Three members of the royal family currently have Edward as a first name. Prince Edward, Duke of Kent, his grandson, Edward, Baron Downpatrick and Prince Edward, Earl of Wessex. Eight kings have used it as a regnal name. However, I think this name is a long shot.
On the list but unlikely because it has a tragic history within the royal and Spencer families. One of the Queen's uncles, Prince John died as a teenager. Her great-grandmother, Queen Alexandra's youngest son, John, died shortly after he was born. And Baby Cambridge's grandmother, the late Diana Princess of Wales, had an older brother, also named John, who died within hours of his birth.
Currently used by Princess Margaret's son, David Linley, as well as being one of Prince Harry's middle names, David might be a long shot given its complex history within the royal family. David was the name King Edward VIII was known by to his friends and family. Because of the abdication crisis, using David as a first name for a future monarch might make that unlikely.
This name brings up associations with Queen Victoria's beloved consort, Prince Albert. She was insistent on her male descendants bearing the name Albert. However, although King Edward VII and King George VI's birth names were Albert, neither chose it as a regnal name. Prince Harry has it amongst his given names.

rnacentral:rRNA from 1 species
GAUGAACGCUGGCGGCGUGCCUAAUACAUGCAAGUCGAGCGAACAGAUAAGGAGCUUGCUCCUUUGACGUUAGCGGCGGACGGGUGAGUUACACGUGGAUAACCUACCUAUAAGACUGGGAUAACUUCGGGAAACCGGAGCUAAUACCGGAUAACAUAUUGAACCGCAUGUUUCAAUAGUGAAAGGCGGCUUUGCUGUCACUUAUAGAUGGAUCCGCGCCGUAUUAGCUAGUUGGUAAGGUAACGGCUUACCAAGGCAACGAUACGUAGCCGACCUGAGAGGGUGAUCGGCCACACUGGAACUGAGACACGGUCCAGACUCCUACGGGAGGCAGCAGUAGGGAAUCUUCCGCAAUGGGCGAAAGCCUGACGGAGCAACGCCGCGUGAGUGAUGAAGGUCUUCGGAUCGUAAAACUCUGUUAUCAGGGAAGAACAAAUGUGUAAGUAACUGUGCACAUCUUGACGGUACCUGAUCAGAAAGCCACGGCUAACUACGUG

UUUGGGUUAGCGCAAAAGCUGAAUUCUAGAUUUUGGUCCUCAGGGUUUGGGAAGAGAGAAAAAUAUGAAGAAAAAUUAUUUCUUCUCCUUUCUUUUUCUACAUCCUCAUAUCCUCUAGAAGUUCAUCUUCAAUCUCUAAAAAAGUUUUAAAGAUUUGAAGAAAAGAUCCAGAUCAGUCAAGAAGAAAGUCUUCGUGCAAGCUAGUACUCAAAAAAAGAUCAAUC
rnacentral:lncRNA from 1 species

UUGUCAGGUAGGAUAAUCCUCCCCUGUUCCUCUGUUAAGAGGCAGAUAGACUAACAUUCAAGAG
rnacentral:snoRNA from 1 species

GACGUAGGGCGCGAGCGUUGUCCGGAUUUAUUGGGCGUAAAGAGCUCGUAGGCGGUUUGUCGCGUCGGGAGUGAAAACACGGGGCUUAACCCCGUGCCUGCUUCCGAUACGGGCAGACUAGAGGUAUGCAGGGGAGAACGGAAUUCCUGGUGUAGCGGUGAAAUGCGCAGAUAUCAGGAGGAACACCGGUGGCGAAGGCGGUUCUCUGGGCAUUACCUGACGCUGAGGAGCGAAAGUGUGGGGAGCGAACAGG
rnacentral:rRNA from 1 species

It is entirely possible that William and Catherine could choose to pay tribute to Prince Charles but I think they would reserve it for a middle name as opposed to a first name. Like George it sounds old fashioned to me. Other family members known by Charles include David Linley's son and Baby Cambridge's maternal great-uncle is Charles Spencer. Like David and Albert, Prince Harry has Charles amongst his given names too.
The name of the Baby Cambridge's paternal uncle as well as eight previous kings, should William and Catherine name their son Henry, he might eventually ascend the throne as King Henry IX. The first British King to be ninth under any name.
Like Michael and Philip, Alexander would be another unique name choice for a future British king. It isn't a particularly common name amongst the royal family, but it does have a royal history. Princess Beatrice named her first son Prince Alexander of Battenberg, Queen Mary had a brother, Prince Alexander of Teck, Prince George, Duke of Kent had it amongst his given names as does Prince Richard, Duke of Gloucester and it was also the name of Princess Patricia of Connaught's son, Alexander Ramsay of Mar. A current member of the royal family to hold the name Alexander is Prince Richard, Duke of Gloucester's son the Earl of Ulster.
William and Catherine seem like couple who will choose something regal and traditional yet modern at the same time. Out of all of the names, my bets are on James and Philip, but I also like the sound of Prince Alexander of Cambridge too.
© Marilyn Braun 2013